It’s spring, and that means more daylight, spring flowers…and standardized testing. For children with special needs, this often means endless hours of stress. Tasks that are too difficult are presented in a quiet room away from other students, with the help of a teacher or paraprofessional, broken down into smaller time blocks and smaller “chunks” of work—and it doesn’t matter. The children who struggle with reading, writing, attention, fine motor skills, comprehension or language are not well-served by these tests. As parents of children with special needs, you know how much you worry about your child’s learning and progress. You want to know how your child is doing. You worry about the testing that seems to take more time every year—time when your child could be learning. It wouldn’t be so bad if the test results were helpful, but in many cases parents tell me they don’t get anything useful from the results. That’s because the tests are designed for children who are learning (and hopefully mastering) the material at an average pace. This does not describe most of the children we know and love.
March 21st, 2016 | No Comments
March 16th, 2016 | No Comments
The Shut Up Sisters would like to give a special shoutout to the great folks at The Center for START Services at the Institute on Disability/UCED at the University of New Hampshire for giving us the sincere pleasure of being Keynote Speakers for their first annual “It Takes a Village” conference in Atlanta, Georgia on March 15. ” START is a national initiative that works to strengthen efficiencies and service outcomes for individuals with intellectual and developmental disabilities (IDD) and behavioral health needs in the community. We were thrilled to learn more about this incredible organization and to meet so many bright, caring, and dedicated providers and of course, entrench ourselves in Atlanta culture, which included:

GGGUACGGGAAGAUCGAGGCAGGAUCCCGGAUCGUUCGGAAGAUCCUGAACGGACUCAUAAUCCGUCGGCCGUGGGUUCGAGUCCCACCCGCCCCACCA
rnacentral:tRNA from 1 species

- Being able to use the phrase ya’ll.
- Visiting a bar called Church. We loved returning home to our families and telling them that we “spent a great deal of time at Church.”
- Dining at the historic Varsity for delicious cheeseburgers, fries, and onion rings and taking home some hats “for the kids.”
- Making connections with bright and inspiring people from around the country.
- Learning there is no time change from Atlanta to Boston (who knew!)
- Riding in our first Uber.
- Coming home 7 lbs. lighter — if only it weren’t just in books.
Our presentation was a smashing success, as several people promised to invite others to join The Movement of Imperfection by visiting the Shut Up community on Facebook and bragging endlessly about their imperfect lives.
March 14th, 2016 | 3 Comments
“I don’t think it’s bacterial meningitis. With that, people get progressively sicker and die,” said the handsome young doctor.